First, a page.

Updated by Maarten Truyens
About folders & search folders
Each ClauseBuddy library can host one or more search folders. Such search folders allow you to segment your legal content — for example, in a typical law firm's clause library, you would have separate search folders for the different departments (corporate, employment, commercial, IT/IP, and so on).
Within each search folder, you can have one or more folders and subfolders, any level deep. For example, within the employment law search folder, you may want to have different folders for employment contracts, employment policies, dismissal letters, settlement agreements, and so on.
(Except if your ClauseBuddy administrator has removed your authorisation) you can manage folder structures by going to the Folders setting:
After selecting the right search folder, you are then presented with all the folders and subfolders of that search folder:
You can create a new subfolder by selecting a folder and clicking on the small + icon:
Next, you are presented with a dialog box in which you can give a name to your new subfolder. If your library supports multiple languages, you can include a translation for your folder, to help colleagues navigate the library in another language.
Renaming, deleting and moving folders
You can rename, move and delete folders by pushing the relevant buttons. Be aware, however, that removing a folder will delete all clauses inside them — there is no possibility to undo this action!
Setting folder permissions
In the top right part of the folder management panel, you can specify the "access bundle" that applies to a folder. Essentially, such access bundle specifies who can read and/or edit certain content. In simple ClauseBuddy setups, you will see that access bundles will exist for each group of users — typically configured per department (e.g., the Corporate Law group, the Employment Law group, etc).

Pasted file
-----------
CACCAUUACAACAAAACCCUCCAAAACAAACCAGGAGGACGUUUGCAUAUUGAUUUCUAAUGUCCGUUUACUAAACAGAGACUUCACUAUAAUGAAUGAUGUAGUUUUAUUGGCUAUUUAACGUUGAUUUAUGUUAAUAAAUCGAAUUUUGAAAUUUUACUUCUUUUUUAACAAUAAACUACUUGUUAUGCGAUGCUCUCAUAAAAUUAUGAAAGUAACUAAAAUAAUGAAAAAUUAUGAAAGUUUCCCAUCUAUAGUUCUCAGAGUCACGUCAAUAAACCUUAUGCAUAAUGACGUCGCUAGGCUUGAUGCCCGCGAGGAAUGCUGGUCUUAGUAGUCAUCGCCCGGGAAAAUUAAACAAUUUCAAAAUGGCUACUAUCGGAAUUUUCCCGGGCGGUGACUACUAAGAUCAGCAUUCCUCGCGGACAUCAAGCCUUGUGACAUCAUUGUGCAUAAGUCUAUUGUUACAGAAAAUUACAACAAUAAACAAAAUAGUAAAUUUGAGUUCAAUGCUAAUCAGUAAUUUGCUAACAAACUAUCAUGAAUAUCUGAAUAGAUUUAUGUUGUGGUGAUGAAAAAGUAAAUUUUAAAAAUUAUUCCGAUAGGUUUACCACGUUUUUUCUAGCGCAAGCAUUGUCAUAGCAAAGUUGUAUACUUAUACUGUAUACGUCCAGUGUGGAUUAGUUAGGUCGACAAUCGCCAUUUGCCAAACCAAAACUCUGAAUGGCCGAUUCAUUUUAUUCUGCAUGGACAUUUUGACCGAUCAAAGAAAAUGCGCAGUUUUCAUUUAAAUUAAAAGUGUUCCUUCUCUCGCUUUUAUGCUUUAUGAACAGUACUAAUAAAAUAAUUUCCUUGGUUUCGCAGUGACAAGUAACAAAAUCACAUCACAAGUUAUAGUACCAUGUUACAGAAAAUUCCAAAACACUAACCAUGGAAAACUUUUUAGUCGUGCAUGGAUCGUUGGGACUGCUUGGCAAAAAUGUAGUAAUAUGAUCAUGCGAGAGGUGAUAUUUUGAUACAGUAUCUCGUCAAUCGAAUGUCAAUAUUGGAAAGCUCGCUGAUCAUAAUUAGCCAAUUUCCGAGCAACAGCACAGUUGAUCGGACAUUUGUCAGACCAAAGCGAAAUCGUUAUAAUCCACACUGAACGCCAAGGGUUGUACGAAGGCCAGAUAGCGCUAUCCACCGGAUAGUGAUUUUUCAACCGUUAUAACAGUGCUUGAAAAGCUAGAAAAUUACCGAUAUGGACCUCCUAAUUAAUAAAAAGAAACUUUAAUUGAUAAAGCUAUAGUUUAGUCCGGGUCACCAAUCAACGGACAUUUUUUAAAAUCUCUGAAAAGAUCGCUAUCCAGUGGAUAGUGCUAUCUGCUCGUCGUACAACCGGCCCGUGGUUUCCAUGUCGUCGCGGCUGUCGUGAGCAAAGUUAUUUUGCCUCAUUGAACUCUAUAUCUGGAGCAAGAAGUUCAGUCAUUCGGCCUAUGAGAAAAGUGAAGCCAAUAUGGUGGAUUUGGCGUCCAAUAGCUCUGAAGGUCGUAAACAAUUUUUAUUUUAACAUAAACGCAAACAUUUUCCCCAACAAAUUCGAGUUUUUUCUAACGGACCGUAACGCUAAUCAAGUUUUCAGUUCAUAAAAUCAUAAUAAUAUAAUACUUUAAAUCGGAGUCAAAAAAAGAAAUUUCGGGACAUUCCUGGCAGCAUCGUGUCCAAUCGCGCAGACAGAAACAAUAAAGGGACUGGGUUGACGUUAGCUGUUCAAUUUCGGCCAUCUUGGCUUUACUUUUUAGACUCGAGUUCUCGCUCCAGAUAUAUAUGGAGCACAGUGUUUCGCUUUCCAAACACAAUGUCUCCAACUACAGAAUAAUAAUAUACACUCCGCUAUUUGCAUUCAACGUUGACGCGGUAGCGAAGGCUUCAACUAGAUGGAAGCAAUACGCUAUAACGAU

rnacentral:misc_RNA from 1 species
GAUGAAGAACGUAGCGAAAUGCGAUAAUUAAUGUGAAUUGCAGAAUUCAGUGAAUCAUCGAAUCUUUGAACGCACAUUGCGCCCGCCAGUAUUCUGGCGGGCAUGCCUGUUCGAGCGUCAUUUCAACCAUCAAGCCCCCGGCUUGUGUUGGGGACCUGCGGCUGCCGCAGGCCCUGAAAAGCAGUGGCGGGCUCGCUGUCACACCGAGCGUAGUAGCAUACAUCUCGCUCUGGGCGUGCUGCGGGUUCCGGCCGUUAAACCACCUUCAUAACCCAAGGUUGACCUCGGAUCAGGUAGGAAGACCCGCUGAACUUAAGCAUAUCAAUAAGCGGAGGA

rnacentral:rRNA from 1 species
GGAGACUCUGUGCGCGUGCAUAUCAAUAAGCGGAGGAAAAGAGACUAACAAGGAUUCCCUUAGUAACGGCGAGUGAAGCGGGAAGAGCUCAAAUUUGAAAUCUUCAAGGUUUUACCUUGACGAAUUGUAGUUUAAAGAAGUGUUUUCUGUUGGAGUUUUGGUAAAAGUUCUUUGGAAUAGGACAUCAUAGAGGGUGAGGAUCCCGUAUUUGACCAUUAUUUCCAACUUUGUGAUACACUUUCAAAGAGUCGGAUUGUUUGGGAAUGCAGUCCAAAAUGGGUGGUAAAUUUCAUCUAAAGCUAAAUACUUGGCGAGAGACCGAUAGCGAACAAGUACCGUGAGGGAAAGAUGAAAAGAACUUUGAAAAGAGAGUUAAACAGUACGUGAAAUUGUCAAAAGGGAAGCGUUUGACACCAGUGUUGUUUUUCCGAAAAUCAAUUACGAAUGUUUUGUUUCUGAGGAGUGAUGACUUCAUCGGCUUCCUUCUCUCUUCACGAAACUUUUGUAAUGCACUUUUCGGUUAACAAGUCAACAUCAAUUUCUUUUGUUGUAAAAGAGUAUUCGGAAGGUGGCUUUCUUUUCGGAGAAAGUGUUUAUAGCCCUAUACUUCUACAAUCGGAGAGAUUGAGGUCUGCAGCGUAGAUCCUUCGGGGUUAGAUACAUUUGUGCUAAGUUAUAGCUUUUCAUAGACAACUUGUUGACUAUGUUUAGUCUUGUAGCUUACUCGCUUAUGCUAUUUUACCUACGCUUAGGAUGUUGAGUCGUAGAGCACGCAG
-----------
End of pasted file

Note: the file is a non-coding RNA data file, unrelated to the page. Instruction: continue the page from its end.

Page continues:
If no access bundle is assigned to a folder, then the folder uses the access bundle of the folder above it (and if that one does not have an access bundle, the access bundle of the folder above that one is used, and so on).
Adding predefined taxonomy to a folder
ClauseBuddy comes with several predefined taxonomies, which you can easily add to your own folder structure.
Essentially, you choose a folder, click on the Insert predefined taxonomy button, navigate to your taxonomy of choice, click on some subfolder, and finally click on the blue Add selected folder and all its subfolders button. As a result, a copy of the selected structure (i.e., all the folders and subfolders) will be added to your clause library.
Afterwards, you can then rearrange the inserted (sub)folders any way you want. For example, you probably want to insert a few other folders, remove some folders you do not need, create deeper hierarchies in a few areas where the predefined taxonomy remains at the surface, and so on.
The predefined taxonomy not only helps you to quickly insert common folders, but also serves a very important second purpose: it enhances the effectiveness of ClauseBuddy's Artificial Intelligence (AI) engine when you are searching for similar clauses.